23 August 2011
According to Chinese sources, the DF-21D anti-ship ballistic missile (ASBM) has recently become operational in limited numbers.Originally developed for submarines, the DF-21D is said to have a range of 2,700km and at least some capability to strike moving targets.
China’s military is hard at work on satellites, long-range backscatter radar, submarines, and drones that can identify moving naval targets up to 3,000 km distance. These overlapping sensors will provide accurate, real-time targeting data for the DF-21D and other shorter-ranged sea, air and land-based anti-ship missiles.
The US Navy insists its carriers are not threatened by any of China’s new missiles and retain their freedom of action off China. But the DF-21D can cover the entire South China Sea, including Taiwan.
This could be extremely bad news for the US Navy, which deploys 11 aircraft carrier groups that enable the US to project power around the globe.
Batteries of DF-21D’s based safely inland may keep the US Navy far off China’s coasts, isolate Taiwan, and threaten US bases in Japan, Okinawa and Guam. In fact, the mere existence of the DF-21D’s and their deployment in sizeable numbers may be enough to keep US carriers at least 2,000 km from China’s coasts, thus beyond the useful range of the carrier’s strike aircraft.
As a writer on naval affairs, I’ve long been convinced that big attack aircraft carriers are going the way of the battleship. At around 100,000 tons, they are huge targets, high in the water, easily detected at long range by radar and infrared sensors. Each US attack carrier carries close to one million gallons of aviation fuel plus hundreds of tons of munitions.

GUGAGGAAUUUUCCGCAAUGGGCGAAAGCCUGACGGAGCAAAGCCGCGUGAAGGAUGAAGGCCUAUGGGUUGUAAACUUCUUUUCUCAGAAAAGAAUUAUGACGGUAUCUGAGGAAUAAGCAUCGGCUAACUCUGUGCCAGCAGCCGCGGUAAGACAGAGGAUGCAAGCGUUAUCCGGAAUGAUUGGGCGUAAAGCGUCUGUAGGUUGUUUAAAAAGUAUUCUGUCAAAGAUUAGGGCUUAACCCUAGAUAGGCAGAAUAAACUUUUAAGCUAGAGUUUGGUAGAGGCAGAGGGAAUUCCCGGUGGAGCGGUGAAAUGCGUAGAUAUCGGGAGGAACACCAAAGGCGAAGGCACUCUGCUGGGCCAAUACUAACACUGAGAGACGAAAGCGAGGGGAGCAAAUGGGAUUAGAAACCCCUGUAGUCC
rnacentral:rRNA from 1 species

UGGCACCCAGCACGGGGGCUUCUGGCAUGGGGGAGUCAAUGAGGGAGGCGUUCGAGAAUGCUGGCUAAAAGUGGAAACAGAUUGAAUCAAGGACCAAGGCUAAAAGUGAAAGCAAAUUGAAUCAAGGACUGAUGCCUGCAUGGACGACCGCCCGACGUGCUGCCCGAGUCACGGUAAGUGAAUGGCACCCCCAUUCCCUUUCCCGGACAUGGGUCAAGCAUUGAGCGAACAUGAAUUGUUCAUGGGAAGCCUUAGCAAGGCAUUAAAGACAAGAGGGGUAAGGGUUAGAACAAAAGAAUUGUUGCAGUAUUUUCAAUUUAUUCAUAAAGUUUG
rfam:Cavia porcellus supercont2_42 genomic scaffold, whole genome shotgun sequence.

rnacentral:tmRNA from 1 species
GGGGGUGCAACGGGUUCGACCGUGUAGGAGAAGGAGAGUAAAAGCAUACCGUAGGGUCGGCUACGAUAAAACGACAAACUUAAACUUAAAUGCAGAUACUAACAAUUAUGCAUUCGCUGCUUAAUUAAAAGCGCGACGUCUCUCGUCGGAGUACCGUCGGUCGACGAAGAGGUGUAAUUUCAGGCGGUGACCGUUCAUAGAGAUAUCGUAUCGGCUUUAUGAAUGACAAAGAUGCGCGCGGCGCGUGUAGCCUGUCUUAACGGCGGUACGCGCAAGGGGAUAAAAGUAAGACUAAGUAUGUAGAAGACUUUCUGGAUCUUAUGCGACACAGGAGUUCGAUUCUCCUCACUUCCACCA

The US Navy made carrier operations into a high science during World War II. The USN was famed for its brilliant damage-control techniques that prevented the loss of many US warships during WWII.
But anti-ship missiles are lethal to carriers.Layered anti-ship missile defense can stop small number of attacking missiles. But if enough high-speed missiles are fired, and from different directions, at least one or two will permeate carrier and escort defenses.
Just one missile, filled with explosives and fuel, hitting a carrier will cause massive damage and fires that will put the great capitol ship out of action. I have joined numerous naval warfare simulations: in almost every case, some anti-ship missiles fired by enemy aircraft and subs inevitably leaked through layered defenses and hit the carriers. Each carrier and its escorts costs over $25 billion (not including its aircraft). They simply cannot be risked against relatively inexpensive Chinese missiles.
Officially, the US Navy denies claims its beloved carriers are increasingly vulnerable. The Navy’s brass is dominated by former naval aviators, just as the pre-war US Navy was run by battleship admirals. There is huge institutional bias against abandoning big attack carriers, just as there is bitter Navy and Air Force opposition to abandoning manned fighter aircraft and relying on drones.
Which makes all the more amazing an article in the May 2011 issue of the US Naval Institute Proceedings (for which I’ve written) by two Pentagon strategists urging an immediate end to building aircraft carriers, “Proceedings” is the voice of the US naval establishment.
For this heresy to be printed is a bombshell.But a needed one.It’s time the US Navy face facts and plan for the obsolescence of its attack carriers. There will still be a role for smaller carriers carrying drones and helicopters, but in wartime, the days of the mighty flattop that won the epic WWII victories at Midway and the Marianas are over.
China has recognised this by deploying a mid-sized carrier this month that may be equipped with fixed-wing aircraft, drones, and helicopters.
It will be hugely expensive for the near bankrupt US to develop new systems that can counter China’s naval missiles. This means the US 7th Fleet will have to patrol far offshore where its influence will be sharply diminished, or even neutralised. The North Pacific will no longer be an American lake.
Eric Margolis is a veteran US journalist